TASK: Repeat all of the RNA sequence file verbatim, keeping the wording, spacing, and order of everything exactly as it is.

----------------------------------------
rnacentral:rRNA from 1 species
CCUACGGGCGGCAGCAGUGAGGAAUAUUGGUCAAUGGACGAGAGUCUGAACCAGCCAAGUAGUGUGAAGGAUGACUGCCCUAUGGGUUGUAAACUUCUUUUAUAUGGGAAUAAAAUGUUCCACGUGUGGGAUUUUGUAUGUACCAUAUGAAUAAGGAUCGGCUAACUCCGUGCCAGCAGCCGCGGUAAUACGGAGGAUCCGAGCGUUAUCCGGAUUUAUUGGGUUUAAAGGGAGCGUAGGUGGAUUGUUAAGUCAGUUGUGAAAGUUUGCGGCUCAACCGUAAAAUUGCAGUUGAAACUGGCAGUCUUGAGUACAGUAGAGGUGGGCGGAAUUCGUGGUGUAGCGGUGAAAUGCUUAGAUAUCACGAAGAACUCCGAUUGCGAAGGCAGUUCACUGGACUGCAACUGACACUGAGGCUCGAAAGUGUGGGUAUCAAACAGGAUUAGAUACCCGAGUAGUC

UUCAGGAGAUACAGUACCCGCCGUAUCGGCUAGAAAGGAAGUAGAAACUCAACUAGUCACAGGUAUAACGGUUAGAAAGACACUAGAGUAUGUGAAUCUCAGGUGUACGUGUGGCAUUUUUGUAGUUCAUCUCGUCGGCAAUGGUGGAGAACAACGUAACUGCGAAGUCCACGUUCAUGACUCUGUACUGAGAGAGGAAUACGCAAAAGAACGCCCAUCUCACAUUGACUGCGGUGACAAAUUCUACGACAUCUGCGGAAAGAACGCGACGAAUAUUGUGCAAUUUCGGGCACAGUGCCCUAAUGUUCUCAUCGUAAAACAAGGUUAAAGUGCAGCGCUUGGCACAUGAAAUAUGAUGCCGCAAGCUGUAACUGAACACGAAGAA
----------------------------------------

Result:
rnacentral:rRNA from 1 species
CCUACGGGCGGCAGCAGUGAGGAAUAUUGGUCAAUGGACGAGAGUCUGAACCAGCCAAGUAGUGUGAAGGAUGACUGCCCUAUGGGUUGUAAACUUCUUUUAUAUGGGAAUAAAAUGUUCCACGUGUGGGAUUUUGUAUGUACCAUAUGAAUAAGGAUCGGCUAACUCCGUGCCAGCAGCCGCGGUAAUACGGAGGAUCCGAGCGUUAUCCGGAUUUAUUGGGUUUAAAGGGAGCGUAGGUGGAUUGUUAAGUCAGUUGUGAAAGUUUGCGGCUCAACCGUAAAAUUGCAGUUGAAACUGGCAGUCUUGAGUACAGUAGAGGUGGGCGGAAUUCGUGGUGUAGCGGUGAAAUGCUUAGAUAUCACGAAGAACUCCGAUUGCGAAGGCAGUUCACUGGACUGCAACUGACACUGAGGCUCGAAAGUGUGGGUAUCAAACAGGAUUAGAUACCCGAGUAGUC

UUCAGGAGAUACAGUACCCGCCGUAUCGGCUAGAAAGGAAGUAGAAACUCAACUAGUCACAGGUAUAACGGUUAGAAAGACACUAGAGUAUGUGAAUCUCAGGUGUACGUGUGGCAUUUUUGUAGUUCAUCUCGUCGGCAAUGGUGGAGAACAACGUAACUGCGAAGUCCACGUUCAUGACUCUGUACUGAGAGAGGAAUACGCAAAAGAACGCCCAUCUCACAUUGACUGCGGUGACAAAUUCUACGACAUCUGCGGAAAGAACGCGACGAAUAUUGUGCAAUUUCGGGCACAGUGCCCUAAUGUUCUCAUCGUAAAACAAGGUUAAAGUGCAGCGCUUGGCACAUGAAAUAUGAUGCCGCAAGCUGUAACUGAACACGAAGAA